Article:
An article from OilPrice.com has claimed that US Secretary of State Mike Pompeo’s visits to Guyana and Suriname last week were part of a promotions campaign for US energy companies.
“No State-owned operation can beat the quality of the products and services of American private companies,” the online publication quotes Pompeo, who made the pronouncement during a joint news conference with Suriname President Chan Santokhi.
“We’ve watched the Chinese Communist Party invest in countries, and it all seems great at the front end and then it all comes falling down when the political costs connected to that becomes clear. And we do our level best wherever I travel to make the case for just making sure everybody understands what they’re getting into.”
Last week Thursday, prior to Pompeo’s arrival in Georgetown, the US State Department did its best to assure the Guyanese public that the highest foreign affairs official’s visit had nothing to do with the Government of Guyana’s evaluation of ExxonMobil’s development plan for a State Department official told reporters that ExxonMobil’s evaluation will have to stand on its own merits.
“I mean, this is certainly not an effort to put any pressure on Guyana. I think it’s more a celebration of their great success in this,” the official stated.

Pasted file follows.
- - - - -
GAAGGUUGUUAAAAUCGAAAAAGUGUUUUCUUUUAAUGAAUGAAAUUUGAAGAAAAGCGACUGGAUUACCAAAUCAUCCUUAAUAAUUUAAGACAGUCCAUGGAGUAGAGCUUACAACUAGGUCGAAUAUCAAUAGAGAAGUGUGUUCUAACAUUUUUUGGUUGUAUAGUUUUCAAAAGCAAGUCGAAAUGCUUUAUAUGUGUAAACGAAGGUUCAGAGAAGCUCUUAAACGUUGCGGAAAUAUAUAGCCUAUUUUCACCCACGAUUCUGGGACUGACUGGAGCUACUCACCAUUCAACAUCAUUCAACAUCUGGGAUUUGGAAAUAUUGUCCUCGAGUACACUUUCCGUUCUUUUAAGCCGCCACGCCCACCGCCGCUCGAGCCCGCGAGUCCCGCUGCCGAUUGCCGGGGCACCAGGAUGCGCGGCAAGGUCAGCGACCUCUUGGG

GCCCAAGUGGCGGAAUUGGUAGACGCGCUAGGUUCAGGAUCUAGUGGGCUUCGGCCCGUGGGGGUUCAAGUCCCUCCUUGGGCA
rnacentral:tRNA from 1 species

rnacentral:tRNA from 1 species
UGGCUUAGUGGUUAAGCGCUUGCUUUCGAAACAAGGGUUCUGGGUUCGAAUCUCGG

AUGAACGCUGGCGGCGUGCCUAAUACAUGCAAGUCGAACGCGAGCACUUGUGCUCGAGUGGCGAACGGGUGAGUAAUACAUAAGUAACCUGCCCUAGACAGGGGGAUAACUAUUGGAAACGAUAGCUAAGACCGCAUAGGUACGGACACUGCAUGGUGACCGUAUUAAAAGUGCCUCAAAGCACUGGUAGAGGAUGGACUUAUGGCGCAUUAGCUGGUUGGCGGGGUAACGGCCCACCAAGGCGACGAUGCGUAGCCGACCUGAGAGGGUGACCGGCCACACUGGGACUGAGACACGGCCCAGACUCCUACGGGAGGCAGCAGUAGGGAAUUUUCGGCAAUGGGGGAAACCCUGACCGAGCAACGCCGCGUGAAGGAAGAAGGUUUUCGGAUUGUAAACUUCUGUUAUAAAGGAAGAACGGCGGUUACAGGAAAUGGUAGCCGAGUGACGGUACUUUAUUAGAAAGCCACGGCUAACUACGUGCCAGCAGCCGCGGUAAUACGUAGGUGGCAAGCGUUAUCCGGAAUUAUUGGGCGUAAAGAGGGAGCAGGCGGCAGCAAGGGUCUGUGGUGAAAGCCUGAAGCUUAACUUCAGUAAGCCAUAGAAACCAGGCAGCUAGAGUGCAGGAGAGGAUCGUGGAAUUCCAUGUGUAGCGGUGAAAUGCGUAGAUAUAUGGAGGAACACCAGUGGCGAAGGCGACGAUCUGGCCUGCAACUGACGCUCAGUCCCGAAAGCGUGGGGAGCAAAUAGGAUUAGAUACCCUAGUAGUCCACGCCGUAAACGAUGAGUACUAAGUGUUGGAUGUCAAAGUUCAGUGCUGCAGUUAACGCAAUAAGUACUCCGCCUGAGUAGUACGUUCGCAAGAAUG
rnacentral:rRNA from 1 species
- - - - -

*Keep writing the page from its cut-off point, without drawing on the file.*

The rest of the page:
However, the US Secretary of State noted at a joint press conference with Guyana President Irfaan Ali, said, that the US energy company’s negotiations with the Guyanese Government are just that — “between Exxon and the Guyanese Government”.
Pompeo’s visit to Georgetown, however, marked the signing of the Growth in the Americas Memorandum of Understanding between the US and Guyana, which “seeks to draw more US private sector investment to build Guyana’s physical infrastructure, energy sector, and digital economy, and to do so transparently”.
It is, therefore, clear that the US has an economic interest in Guyana, especially with the South American country’s foray into oil production.
And Pompeo’s concern about China’s influence in both Guyana and Suriname may have some merit.
While American companies ExxonMobil and Hess Corporation own 75 per cent (45/30) interest in the production at Guyana’s Liza project — expected to reach full capacity of 120,000 barrels of oil per day — China National Offshore Oil Corporation has a 25 per cent stake.
Quoting US Geological survey estimates, OilPrice.com said the Guyana-Suriname Basin holds up to 14 billion barrels of oil and 32 trillion cubic feet of natural gas. So far,Guyana has recorded 18 oil well discoveries and Suriname three.
What’s more, both oil-rich countries boast deposits of gold. In fact, in June this year, Chinese-owned Zijin Mining Group Co Ltd acquired Guyana Goldfield’s operation for approximately CN$323 million.
Responding to Pompeo’s remarks, China’s Ambassador to Guyana Cui Jianchun stated, “China develops relations with Caribbean countries including Guyana under the principles of mutual respect, equality, and mutually beneficial and win-win cooperation. China attaches no political strings in bilateral pragmatic cooperations, which bring tangible benefits to countries and peoples in the region. This is an objective fact that anyone without prejudice will admit.”